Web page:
Cal Bears Football

Putting Jahvid Best's Injury Into Perspective: You Can't Question His Heart

PASADENA, CA - OCTOBER 17:  Running back Jahvid Best #4 of the California Golden Bears celebrates as he scores on a 51 yard touchdown reception against  the UCLA Bruins  on October 17, 2009 at the Rose Bowl in Pasadena, California.  (Photo by Stephen Dunn/Getty Images)
Stephen Dunn/Getty Images
Steven ResnickSenior Writer INovember 8, 2009

When an injury occurs to a player fans get curious to see just how brutal the injury actually was. You can almost find any clip of a player being injured on Yahoo. In fact Yahoo Sports just had an article titled "The 10 Most Brutal Injuries of the Last Decade " written by Greg Wyshynski.

In the article you'll find the injury to Richard Zednik, who was inadvertently cut in the carotid artery by a teammates skate and you will also find the clip of Trent McCleary being hit in the throat with a puck as he attempted to block a shot.

So, it's easy too see that fans of the game are curious to see what actually happened when there's a breaking news in regards to a player whether it's college or professional. In this case it happened to be in college football.

You will find on the front page Yahoo Sports the article titled "Cal RB Best Taken to Emergency Room ." That title alone is an attention grabber so you'll read about the event or at least try to find the clip on Youtube.

Which you can find the clip here of Jahvid Best's horrific injury.  It's one of the more scarier injuries you'll see in a game. You heard from the clip that I don't know who it was for ESPN who stated this "when you see his arms extended like that the medical term is called posturing and it means that the brain has lost contact with the body."

Now, the question becomes did Best really have to jump to get into the end zone because if you look at some of the comments being made either on Youtube or on the article on the front page, you will find that question.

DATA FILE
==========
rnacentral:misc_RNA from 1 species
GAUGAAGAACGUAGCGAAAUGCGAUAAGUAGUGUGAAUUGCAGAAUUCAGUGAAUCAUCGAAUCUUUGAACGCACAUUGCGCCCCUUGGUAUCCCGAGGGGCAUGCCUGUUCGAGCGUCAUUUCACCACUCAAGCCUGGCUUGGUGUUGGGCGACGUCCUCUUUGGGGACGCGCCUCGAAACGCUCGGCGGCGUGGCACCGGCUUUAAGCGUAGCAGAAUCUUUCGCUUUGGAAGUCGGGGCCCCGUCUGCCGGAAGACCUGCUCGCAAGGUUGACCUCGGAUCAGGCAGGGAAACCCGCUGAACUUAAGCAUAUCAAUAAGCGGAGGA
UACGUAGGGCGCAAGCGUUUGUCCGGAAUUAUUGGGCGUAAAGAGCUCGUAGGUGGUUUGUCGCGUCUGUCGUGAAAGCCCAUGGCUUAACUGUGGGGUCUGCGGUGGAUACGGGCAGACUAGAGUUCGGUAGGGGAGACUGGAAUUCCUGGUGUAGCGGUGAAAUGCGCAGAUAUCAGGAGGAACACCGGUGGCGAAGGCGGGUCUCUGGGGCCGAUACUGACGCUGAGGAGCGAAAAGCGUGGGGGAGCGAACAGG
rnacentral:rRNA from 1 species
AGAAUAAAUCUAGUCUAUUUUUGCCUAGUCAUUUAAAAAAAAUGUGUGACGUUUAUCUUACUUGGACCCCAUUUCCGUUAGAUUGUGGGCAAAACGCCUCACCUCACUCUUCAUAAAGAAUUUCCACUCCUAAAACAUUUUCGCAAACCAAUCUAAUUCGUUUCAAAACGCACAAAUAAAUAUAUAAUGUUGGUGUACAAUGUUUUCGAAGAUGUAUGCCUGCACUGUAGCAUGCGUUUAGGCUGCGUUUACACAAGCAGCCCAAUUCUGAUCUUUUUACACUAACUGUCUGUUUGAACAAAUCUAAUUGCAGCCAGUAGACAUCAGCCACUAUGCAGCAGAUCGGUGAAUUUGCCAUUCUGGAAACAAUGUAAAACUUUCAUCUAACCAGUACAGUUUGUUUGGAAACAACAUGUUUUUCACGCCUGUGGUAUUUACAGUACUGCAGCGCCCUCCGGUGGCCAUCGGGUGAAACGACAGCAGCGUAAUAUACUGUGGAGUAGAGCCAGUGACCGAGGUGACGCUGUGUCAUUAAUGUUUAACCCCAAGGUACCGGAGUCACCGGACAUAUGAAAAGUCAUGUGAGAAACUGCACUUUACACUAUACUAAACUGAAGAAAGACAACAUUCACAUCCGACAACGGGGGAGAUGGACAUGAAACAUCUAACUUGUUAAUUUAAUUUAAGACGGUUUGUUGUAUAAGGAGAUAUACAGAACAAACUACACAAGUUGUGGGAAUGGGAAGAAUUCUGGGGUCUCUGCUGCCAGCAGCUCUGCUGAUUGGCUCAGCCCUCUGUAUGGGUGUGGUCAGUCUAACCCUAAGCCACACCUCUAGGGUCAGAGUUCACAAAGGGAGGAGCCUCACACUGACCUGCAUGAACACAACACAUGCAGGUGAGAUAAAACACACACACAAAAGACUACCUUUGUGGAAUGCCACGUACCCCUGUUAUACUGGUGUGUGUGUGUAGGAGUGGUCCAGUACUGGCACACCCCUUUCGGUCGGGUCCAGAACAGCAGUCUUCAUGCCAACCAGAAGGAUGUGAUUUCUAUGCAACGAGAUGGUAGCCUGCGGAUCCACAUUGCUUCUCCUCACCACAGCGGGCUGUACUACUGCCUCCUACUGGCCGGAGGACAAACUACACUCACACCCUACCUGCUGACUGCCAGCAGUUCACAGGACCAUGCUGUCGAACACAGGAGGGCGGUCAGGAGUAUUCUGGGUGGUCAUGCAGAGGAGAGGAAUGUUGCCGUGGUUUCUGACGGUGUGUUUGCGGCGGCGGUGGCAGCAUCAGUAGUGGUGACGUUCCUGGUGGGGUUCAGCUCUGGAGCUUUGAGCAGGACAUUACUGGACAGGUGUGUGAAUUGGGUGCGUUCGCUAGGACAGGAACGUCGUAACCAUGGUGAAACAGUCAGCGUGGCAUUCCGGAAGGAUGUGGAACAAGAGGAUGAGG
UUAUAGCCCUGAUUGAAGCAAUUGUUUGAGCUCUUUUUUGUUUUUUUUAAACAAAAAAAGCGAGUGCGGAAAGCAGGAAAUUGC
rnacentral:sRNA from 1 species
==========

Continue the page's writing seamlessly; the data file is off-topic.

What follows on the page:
I think it's incredibly hard to pass judgement on Best for jumping to score the touchdown. At that moment the Bears were already trailing 14-0 and needed to score a touchdown.

Best was doing all that he could to get the Bears the six points. It's not Best hasn't jumped and dived for a touchdown before this year either. I don't see anyone complaining about it. Here's an example from the game in Minnesota. Best dives into the end zone for the touchdown.

Questioning the play made by Best isn't going to help anyone. The most important thing is the health of Best. He made a great play with great effort, but the end result was catastrophic.

Best wasn't trying to show off on the play, he was just trying to get the Bears on the scoreboard and he felt that if he jumped he was going to score no matter what. If he didn't maybe he felt like the Oregon State defense could stop him just short.

It also didn't help that the Beaver defender pushed him, which helped propel him even higher in the air and because of this he was off balance so he couldn't really land on his feet. 

Also, hindsight is usually 20-20 and I think no matter how you look at the play there's no doubt that Best is going to give his all out effort and he was just doing what he felt was best for the team.

I don't think it's right to question the motives of Best on the play. In my mind Best was clearly trying to score that touchdown anyway possible. I guarantee you if it meant diving instead of jumping, he would have been diving to the end zone.

You saw Best diving earlier in the game when he was stopped in the backfield, but before he went down he dove forward to get the Bears a first down.

Second guessing Best isn't going to help. The only thing that really matters is that Best recovers from the concussion and gets to 100 percent.

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